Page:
It is not always easy for young graduates to find the perfect job because most companies favor experienced candidates. If there was only one piece of advice to give to girls and boys who are about to write their student CV, it would be: show empathy or at least a kind understanding for whoever will read your resume. In other words, put yourself into the recruiter’s shoes. Here are the best advices to make your curriculum vitae successful.
Choose the Right CV Presentation
The form of a CV is the reflection of its content. The layout, the typographical choice, the structuring of the information, etc., will facilitate or not the reading of the document. And the aim is to increase your chances of attracting the headhunters’ attention. Remember that according to several studies, a recruiter spends less than 10 seconds on each resume. Therefore, clearly build your school career with suitable chapter headers, avoid overly creative fonts, smileys and other eccentric illustrations. Finally, be concise and notice that one page should be enough to present yourself. Do not hesitate to use a CV template for student to be sure of the quality of the presentation.
Adapt your CV to the Job Sought
It is true that recruiters now favor job applicants with mad skills. Nevertheless, it is not certain that highlighting your interest in philately will convince the nursing school for which you are applying for that you have the ideal profile, for instance. Likewise, a future “Company Director” cannot adorn the header of their CV in size 25 bold and in fuchsia pink. That would incline the recruitment manager to grant you the position. Your CV must be flexible, and it is important that you customize it according to your goal and/or the position vacancy.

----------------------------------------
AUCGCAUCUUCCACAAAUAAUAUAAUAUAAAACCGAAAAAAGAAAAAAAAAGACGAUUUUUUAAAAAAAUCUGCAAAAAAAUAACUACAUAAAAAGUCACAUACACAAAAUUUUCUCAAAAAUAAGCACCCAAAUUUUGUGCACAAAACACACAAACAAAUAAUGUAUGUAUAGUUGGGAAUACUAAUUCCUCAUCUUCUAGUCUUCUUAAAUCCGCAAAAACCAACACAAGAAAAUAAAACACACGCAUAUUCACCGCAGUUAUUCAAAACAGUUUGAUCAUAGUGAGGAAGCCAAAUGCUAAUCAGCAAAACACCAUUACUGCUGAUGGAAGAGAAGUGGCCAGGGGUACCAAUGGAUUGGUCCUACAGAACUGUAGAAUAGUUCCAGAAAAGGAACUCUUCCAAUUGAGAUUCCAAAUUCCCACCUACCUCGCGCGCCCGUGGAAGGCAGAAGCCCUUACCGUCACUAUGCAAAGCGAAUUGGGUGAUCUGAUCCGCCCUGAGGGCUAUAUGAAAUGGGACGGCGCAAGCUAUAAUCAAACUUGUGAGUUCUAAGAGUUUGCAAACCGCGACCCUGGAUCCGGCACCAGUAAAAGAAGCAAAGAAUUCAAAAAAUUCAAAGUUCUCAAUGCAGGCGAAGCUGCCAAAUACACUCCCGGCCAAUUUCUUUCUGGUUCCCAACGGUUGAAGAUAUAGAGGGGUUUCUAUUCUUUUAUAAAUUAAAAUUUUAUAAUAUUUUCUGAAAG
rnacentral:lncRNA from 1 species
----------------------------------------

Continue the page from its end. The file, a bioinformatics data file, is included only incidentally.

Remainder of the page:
Be Consistent While Building a Student Resume
Be sure to give identical information regardless of the medium on which you appear. Bragging about your speaking skills on LinkedIn, your writing skills on Viadeo and your passion for Icelandic horses on your resume is likely to be perplexing. Furthermore, also make sure the periods presented (studies, internships, etc.) coincide and that your academic career is complete. Rather than meeting with you to obtain details on a gaping 8-month “hole” that appears on your CV, a recruiter will prefer to simply dismiss your application. Even a prolonged period of inactivity can be valued by evoking a trip, additional training, or a satisfied center of interest. Plus, you can more easily talk about it during a job interview.